One important limit on the scope of discovery obligations, including e-discovery and preservation obligations, is “proportionality.” This article discusses what proportionality means, how to achieve it in litigation, and the trend toward a new emphasis on proportionality in discovery.

What is proportionality?

Under the current Federal Rules of Civil Procedure, a discovery request is objectionable if “the burden or expense of the proposed discovery outweighs its likely benefit,” considering the following five factors:

  1. a) The needs of the case;
  2. b) The amount in controversy;
  3. c) The parties’ resources;
  4. d) The importance of the issue at stake in the action; and
  5. e) The importance of the discovery in resolving the issues.

FRCP 26(b)(2)(C)(iii). Virginia Supreme Court Rule 4:1(b)(1) contains a similar proportionality provision. In addition to this general proportionality requirement, the Federal Rules also specifically address proportionality in the context of e-discovery requests. The Rules provide that, “A party need not provide discovery of electronically stored information from sources that the party identifies as not reasonably accessible because of undue burden or cost.” FRCP 26(b)(2)(B). Virginia Supreme Court Rule 4:1(b)(7) contains a similar provision.

In short, if the burden or expense of complying with a request outweighs its likely benefit, the request is objectionable. This sounds simple in theory, but in practice, the parties will seldom agree on the “likely benefit” of the material being requested. 

How do litigants handle disputes over what is proportional?

There are two basic ways to deal with proportionality disputes during discovery: proactively, by negotiating an e-discovery agreement with opposing counsel, and reactively, by filing and responding to motions to compel and motions for protective orders. The proactive approach requires more work at the front end, but it can alleviate a lot of the work and uncertainty that comes with prosecuting discovery motions. The proactive approach involves trying to reach an agreement with opposing counsel setting the parameters and search methodologies to be used in e-discovery, or moving the Court for an order doing the same. E-discovery expertise is critical at this stage as attorneys negotiate the contours of an e-discovery agreement and/or move the Court for entry of a favorable order governing e-discovery.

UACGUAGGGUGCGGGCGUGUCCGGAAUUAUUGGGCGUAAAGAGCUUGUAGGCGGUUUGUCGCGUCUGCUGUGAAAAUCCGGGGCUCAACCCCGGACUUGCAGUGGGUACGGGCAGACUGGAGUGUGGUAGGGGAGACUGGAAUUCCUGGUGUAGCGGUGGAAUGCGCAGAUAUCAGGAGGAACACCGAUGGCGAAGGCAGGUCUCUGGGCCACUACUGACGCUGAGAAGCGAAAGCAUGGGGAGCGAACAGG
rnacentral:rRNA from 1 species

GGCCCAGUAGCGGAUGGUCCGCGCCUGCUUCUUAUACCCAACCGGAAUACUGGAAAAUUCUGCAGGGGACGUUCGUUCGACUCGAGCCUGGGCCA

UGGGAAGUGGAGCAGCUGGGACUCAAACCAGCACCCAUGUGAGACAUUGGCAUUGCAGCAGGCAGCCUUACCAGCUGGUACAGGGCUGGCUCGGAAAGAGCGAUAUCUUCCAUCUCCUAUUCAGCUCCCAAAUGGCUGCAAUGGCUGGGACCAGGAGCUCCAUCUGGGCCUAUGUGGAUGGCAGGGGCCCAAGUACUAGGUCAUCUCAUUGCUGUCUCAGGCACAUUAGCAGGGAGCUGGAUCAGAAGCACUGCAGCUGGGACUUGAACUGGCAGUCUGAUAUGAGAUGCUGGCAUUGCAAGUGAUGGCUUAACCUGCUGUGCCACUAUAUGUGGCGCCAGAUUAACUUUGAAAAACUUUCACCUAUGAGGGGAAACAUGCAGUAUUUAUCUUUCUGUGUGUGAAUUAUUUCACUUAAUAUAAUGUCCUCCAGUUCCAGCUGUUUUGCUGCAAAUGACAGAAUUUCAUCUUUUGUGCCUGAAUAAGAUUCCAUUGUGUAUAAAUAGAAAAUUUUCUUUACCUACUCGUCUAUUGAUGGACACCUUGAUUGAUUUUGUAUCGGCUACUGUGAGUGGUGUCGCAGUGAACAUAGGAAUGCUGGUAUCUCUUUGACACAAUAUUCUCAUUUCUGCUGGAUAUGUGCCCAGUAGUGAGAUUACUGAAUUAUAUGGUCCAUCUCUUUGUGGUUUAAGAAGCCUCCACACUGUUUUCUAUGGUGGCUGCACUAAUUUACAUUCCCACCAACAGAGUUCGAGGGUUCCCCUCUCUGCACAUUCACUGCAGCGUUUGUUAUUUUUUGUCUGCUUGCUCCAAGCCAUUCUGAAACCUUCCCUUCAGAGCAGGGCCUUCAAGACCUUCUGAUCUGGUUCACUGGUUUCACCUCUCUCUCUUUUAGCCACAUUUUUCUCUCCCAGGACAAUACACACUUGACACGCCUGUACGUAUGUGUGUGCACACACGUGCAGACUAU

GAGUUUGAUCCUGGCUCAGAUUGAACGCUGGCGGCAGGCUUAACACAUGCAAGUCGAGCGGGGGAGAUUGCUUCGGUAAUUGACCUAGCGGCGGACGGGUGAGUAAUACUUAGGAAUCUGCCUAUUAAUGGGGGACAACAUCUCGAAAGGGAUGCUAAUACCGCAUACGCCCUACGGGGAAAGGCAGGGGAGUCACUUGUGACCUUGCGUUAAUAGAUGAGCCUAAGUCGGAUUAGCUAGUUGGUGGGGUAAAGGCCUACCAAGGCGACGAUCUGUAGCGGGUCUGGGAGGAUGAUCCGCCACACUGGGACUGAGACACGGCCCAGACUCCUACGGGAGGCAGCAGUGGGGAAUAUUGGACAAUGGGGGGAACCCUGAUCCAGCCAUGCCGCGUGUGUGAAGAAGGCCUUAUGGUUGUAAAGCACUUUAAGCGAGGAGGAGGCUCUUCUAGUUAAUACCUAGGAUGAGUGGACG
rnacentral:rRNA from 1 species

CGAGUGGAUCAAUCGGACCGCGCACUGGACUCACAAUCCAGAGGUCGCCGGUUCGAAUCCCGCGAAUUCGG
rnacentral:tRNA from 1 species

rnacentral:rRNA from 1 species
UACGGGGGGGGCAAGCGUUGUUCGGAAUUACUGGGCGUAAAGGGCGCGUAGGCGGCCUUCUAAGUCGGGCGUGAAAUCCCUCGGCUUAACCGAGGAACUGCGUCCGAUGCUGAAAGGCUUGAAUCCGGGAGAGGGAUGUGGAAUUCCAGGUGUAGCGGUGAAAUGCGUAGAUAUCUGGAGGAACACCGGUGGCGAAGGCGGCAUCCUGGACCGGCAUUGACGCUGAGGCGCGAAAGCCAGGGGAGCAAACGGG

A good e-discovery agreement will typically address the following topics:

  • Order of Production – who produces what, when
  • Production Format – including whether metadata needs to be preserved
  • Confidentiality – including whether data will be returned or destroyed at the end of the litigation
  • Privilege – including whether the parties can “claw back” inadvertently produced documents
  • How discovery disputes will be addressed
  • How costs will be handled

In each of these areas, parties should consider proportionality. For example, agreeing to a claw-back provision can substantially reduce the parties’ costs in reviewing documents for privilege. This can make requests for voluminous electronic productions less expensive and thus less susceptible to proportionality challenges. Another important consideration is flexibility; discovery agreements should have some flexibility built into them, as discovery needs and burdens are likely to become clearer throughout the discovery process. 

What do the 2015 Amendments say about proportionality?

The 2015 amendments to the Rules of Civil Procedure, which go into effect in December, retain the proportionality requirement and, in fact, emphasize it. The drafters moved the proportionality requirement into the sentence that defines the scope of discovery: “Parties may obtain discovery regarding any non-privileged matter that is relevant to any party’s claim or defense and proportional to the needs of the case . . . .” Proposed FRCP 26(b)(1). The Committee Notes clarify that this change does not substantively alter the responsibilities of the parties or the Court, but instead was meant to emphasize the proportionality requirement. 

Proportionality remains perhaps the most important bulwark against abuse of the discovery process. Litigants need to understand its contours in order to make cost effective decisions about their case. When a company is making pre-litigation decisions about what needs to be preserved for future discovery, it should consider the proportionality defense. However, pre-litigation decisions should err on the side of over-preservation, as there is no bright line test of what is proportional for a specific matter. Once litigation begins, businesses should work with their E-Discovery counsel to create a proactive strategy to limit discovery costs by only conducting discovery that is proportional to the case.

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